Should You Draw the Line With Employees’ Individuality?

A reader question:

Some of my employees have asked about bringing their “authentic self” to the workplace. I want to encourage individuality and the good things that come with that, but how can I still make it clear that they need to behave appropriately at work?

To read my answer, click here: Should You Draw the Line With Employees’ Individuality?

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7 thoughts on “Should You Draw the Line With Employees’ Individuality?

  1. The first sentence is crucial. It’s essential to understand exactly what is meant by bringing ones authentic self to work. If your authentic self is nudist, sorry. If it’s transgender, for example, on the other hand, yes, people shouldn’t have to hide their real identity at work.

    1. I think the concept of “being able to bring your authentic self” is becoming the next “woke” or even “hostile work environment” – something born of activism by marginalized groups that gets co-opted and then completely bastardized by the mainstream.

  2. If I brought out my authentic self at work, I’d terrify my boss and co-workers.

    1. Very much this. My collection of skulls and bones–technically termed my comparison collection, something I actually use for work–has my coworkers disturbed enough. If I openly discussed my religion, some of my hobbies, some of my family members, etc a lot of them would stop speaking to me!

      I prefer the advice from “The Art of Manliness” website (it’s actually a lot better than it sounds, focusing on positive masculinity): be artificial. Not fake, necessarily, but rather act the way you ought to act, even if that’s counter to your nature. I know that certain aspects of my personality make people uncomfortable, and they’re completely irrelevant to the task at hand, so they’re not worth bringing up. The advice goes a bit deeper, though. When people speak of authenticity they usually think of it as things they do. TAM points out–and I fully agree here–that our taboos are as much a part of our selves as our actions. We tend to view such limitations as negatives in our culture, but they’re a part of us and we should embrace that. I don’t do certain things at work, even if I do them at home–and that’s because those taboos are part of who I am.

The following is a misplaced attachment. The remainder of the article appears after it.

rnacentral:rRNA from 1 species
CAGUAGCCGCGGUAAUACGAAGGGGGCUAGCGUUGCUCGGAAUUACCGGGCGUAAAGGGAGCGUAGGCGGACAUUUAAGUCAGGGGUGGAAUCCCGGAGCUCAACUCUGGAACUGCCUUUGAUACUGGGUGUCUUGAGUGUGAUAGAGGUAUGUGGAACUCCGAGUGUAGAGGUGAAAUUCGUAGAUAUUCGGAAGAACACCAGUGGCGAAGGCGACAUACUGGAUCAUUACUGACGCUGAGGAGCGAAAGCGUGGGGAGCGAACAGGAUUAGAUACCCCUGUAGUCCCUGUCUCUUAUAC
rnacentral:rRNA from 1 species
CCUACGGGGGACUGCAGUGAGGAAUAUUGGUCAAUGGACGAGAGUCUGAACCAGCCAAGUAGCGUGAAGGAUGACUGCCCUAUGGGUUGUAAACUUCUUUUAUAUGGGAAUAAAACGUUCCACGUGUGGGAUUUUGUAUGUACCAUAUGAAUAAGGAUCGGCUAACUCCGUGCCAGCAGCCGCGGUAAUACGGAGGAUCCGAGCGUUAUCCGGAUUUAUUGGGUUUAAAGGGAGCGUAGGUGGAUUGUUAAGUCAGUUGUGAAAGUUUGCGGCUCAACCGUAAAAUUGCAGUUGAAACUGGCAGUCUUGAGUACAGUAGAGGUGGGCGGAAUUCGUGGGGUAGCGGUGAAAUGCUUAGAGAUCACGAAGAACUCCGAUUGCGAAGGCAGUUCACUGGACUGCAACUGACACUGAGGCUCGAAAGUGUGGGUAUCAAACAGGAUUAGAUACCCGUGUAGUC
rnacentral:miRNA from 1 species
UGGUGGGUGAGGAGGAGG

3. Also, if your authentic self is a grump, then maybe you should second guess taking the front desk position of a busy Human Resources Office…

  4. The response is a good reminder, but it is not at all what I think of when I think of “authentic self.”

    Examples might be code switching your speech, wearing nail polish or make up when it is not behavior related to their assumed or presenting gender norm, not having to act more or less [insert any personality trait here] because of their race, gender, religion, etc.

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